Jordan and Egypt, the only two Arab countries to have peace deals with Israel, have both stated through official channels many times that they will only support a peace plan that includes a Palestinian state with East Jerusalem as its capital. During his visit to Washington in April, President Abdel Fatah el-Sisi pledged that Cairo will continue to support efforts to ensure “a just, lasting solution” to the Israeli-Palestinian conflict based on resolutions of international legitimacy, the two-state solution and the 2002 Arab Peace Initiative.

Dennis Ross, a longtime Middle East envoy and now a distinguished fellow at the Washington Institute for Near East Policy, said the U.S. team still has “a lot of work to do to make sure that Arab leaders aren’t surprised by what’s going to be presented, and they need to see it in writing, not verbally.”


In partnership with previous US administrations, Europe has long promoted a just resolution to the Israeli-Palestinian conflict and has consistently affirmed its support for the two-state solution, including the creation of a Palestinian state. This time around, the EU appears to be stuck on the sidelines but some leaders have come out to voice support for a two-state solution which they feel may be under threat. 

EU foreign policy chief Federica Mogherini has warned of “abandoning” the two-state solution, contending that doing so “would bring greater chaos, not only to the Holy Land but also to the entire Middle East.” 

French President Emmanuel Macron spoke of the importance of a two-state solution to the conflict in the letter he wrote to Prime Minister Benjamin Netanyahu congratulating him on his victory in Israel’s April 9th elections. Macron spoke of the need to “decisively revive the Middle East peace process and to achieve a two-State solution, with Israel and Palestine living side by side in peace and security, in accordance with internationally agreed parameters,” a spokesperson for the French Foreign Ministry said in a written statement to the media.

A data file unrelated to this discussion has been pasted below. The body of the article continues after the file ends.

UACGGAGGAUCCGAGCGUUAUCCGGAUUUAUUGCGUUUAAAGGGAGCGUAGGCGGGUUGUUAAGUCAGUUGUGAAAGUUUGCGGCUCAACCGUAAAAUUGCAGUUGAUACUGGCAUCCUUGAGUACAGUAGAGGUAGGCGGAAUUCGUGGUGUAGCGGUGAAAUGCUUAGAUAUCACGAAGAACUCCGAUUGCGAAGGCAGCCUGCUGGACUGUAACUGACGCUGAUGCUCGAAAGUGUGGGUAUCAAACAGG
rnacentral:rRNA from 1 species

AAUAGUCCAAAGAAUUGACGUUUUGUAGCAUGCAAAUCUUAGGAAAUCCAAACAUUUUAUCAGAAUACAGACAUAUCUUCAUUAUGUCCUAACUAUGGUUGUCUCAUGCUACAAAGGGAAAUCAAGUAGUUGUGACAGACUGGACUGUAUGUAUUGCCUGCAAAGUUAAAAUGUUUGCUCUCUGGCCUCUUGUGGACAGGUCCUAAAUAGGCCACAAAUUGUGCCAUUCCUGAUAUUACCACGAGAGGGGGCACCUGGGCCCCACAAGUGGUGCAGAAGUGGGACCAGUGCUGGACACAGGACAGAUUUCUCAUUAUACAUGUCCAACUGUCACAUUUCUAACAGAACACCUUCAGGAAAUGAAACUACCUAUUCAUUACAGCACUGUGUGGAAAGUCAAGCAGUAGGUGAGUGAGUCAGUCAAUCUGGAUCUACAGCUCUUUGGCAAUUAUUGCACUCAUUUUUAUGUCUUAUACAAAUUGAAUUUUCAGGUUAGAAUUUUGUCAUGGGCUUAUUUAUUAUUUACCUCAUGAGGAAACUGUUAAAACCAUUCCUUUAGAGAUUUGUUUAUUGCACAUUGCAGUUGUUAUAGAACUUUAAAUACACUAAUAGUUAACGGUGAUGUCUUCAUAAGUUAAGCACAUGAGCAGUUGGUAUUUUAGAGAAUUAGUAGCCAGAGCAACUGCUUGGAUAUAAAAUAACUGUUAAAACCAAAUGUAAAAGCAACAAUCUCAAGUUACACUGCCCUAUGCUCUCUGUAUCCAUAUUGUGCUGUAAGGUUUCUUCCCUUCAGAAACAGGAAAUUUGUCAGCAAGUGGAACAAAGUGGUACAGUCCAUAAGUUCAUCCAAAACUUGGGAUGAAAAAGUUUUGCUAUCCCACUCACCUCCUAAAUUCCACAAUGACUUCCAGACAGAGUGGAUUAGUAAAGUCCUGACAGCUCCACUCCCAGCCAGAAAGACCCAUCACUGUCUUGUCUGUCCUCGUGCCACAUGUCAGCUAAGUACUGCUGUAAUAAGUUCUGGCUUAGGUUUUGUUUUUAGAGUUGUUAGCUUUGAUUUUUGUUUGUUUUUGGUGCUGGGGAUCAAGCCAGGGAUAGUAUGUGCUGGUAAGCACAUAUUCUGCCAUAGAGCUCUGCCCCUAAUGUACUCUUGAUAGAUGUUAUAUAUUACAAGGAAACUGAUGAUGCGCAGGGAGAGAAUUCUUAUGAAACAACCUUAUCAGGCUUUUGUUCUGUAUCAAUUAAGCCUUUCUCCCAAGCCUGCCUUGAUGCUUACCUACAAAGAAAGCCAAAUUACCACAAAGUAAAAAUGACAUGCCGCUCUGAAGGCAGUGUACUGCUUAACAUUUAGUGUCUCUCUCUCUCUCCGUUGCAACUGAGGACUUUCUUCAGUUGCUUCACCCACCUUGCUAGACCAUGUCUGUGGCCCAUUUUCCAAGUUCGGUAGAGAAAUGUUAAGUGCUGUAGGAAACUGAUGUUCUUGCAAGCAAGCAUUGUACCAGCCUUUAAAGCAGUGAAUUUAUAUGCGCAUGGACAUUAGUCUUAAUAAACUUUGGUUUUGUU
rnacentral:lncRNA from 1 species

Also in April, Former prime ministers and foreign ministers from throughout Europe, some of whom also served in senior positions in the United Nations, NATO and the European Union, called for the EU to reaffirm its support for the two-state solution to the Israeli-Palestinian conflict in advance of the publication of U.S. President Donald Trump’s peace plan. The letter, sent to the Guardian, the EU and European governments, was signed by 25 former foreign ministers, six former prime ministers, and two former NATO secretary generals, and said Europe must “be vigilant and act strategically” when Trump presented the new plan.

The Palestinians requested to meet the foreign ministers of European Union member states in the coming few weeks to speak to them about the US administration’s expected peace plan, Palestinian Authority Foreign Minister Riyad al-Malki told Palestine TV, the official PA channel. 

This week the Palestinian U.N. ambassador said that the European Union, Russia and the United Nations should take action to save a two-state solution to the Israeli-Palestinian conflict if the long-awaited U.S. peace plan doesn't lead to two independent nations.